Hmmm, This Sounds Like Something I Would Agree With

Editor’s Note: This article previously appeared in a different format as part of The Atlantic’s Notes section, retired in 2021.

From Thomas Friedman in the NYT, emphasis added:

… what will be required to produce resilient citizens and communities [is] forcing a politics that is much more of a hybrid of left and right.

It is the kind of politics you already see practiced in successful communities and towns in America — places like Minneapolis; Austin, Tex.; Louisville, Ky.; Chattanooga, Tenn.; and Portland, Ore. — where coalitions made up of the business community, educators and local government come together to forge hybrid solutions to improve their competitiveness and resilience. We can’t get there at the national level since one of our two major parties has gone nuts and we have designed paralysis into our politics.

Sounds right to me! This is very much in sync with what my wife Deb and I have seen across the country, and have tried to explain here.

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Previously in the Hmmm series:

  • We’ve seen things that fit Warren Buffett’s world view: America is in way better overall economic shape than the rest of the world, and also has better prospects than political rhetoric suggests. But it needs to do more to help those being hurt and left behind by today’s technological transformations.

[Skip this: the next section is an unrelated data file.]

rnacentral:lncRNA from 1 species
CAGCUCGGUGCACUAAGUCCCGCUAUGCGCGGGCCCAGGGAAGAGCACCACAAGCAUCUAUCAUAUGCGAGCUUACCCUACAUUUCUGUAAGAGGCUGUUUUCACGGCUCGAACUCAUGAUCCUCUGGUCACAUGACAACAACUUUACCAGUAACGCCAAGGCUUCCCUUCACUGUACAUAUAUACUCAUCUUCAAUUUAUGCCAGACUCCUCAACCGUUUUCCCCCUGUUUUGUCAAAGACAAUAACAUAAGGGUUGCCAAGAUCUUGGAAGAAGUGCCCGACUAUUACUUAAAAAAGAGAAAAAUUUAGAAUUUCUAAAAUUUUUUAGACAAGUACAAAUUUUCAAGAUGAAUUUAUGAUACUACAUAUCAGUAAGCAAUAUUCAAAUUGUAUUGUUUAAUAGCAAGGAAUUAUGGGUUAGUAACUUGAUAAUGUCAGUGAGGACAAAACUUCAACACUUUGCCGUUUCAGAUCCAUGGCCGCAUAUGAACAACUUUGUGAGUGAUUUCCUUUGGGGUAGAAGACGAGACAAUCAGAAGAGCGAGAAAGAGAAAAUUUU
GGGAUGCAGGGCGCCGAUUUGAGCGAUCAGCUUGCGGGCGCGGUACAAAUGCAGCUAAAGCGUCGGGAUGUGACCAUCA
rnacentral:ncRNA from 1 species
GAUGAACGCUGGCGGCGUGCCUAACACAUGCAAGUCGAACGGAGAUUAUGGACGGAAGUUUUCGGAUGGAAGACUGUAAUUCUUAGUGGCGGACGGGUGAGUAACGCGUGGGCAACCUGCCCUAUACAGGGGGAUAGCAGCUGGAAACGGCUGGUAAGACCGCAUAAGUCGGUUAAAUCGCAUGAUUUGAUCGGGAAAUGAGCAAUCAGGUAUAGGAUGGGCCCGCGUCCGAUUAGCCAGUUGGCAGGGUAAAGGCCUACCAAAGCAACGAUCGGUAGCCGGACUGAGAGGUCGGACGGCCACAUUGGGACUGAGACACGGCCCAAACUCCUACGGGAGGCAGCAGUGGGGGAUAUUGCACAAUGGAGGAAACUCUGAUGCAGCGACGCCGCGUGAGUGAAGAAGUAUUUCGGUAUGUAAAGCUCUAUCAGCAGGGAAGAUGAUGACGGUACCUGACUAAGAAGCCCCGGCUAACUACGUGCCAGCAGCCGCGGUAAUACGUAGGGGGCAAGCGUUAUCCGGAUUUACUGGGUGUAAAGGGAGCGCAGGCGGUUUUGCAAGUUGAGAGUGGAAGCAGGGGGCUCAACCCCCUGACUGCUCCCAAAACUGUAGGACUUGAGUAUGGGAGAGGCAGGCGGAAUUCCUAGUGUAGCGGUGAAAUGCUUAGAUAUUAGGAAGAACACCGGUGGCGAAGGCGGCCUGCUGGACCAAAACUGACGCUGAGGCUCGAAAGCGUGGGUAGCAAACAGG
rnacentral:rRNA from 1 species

• We’ve internalized the Robert Wood Johnson / NPR / Harvard study: Americans think the nation’s health care system as a whole is a disaster, but are surprisingly satisfied with the care they get themselves.
  • Like the Kauffman Foundation (as noted here) and now Bo Cutter of the Roosevelt Institute (co-author of a new e-book called The Good Economy), we’ve seen signs of widespread startup, “maker,” and entrepreneurial activity around the country.
  • We what’ve seen place-by-place parallels the NYT’s observation that while politicians are angrier than ever, many voters (even while casting votes for the likes of Trump) take the longer, calmer view.
  • And now we’re nodding along with T. Friedman in his observation that local-level governance continues to function—partly because people there don’t have the luxury of becoming purely “shut it down!” obstructionist like the national-level GOP.

This compilation is just to note harmonic resonance among observations that don’t fit the “everything is getting worse” tone of national political discussions. The country has lots of problems, and lots of people figuring out solutions.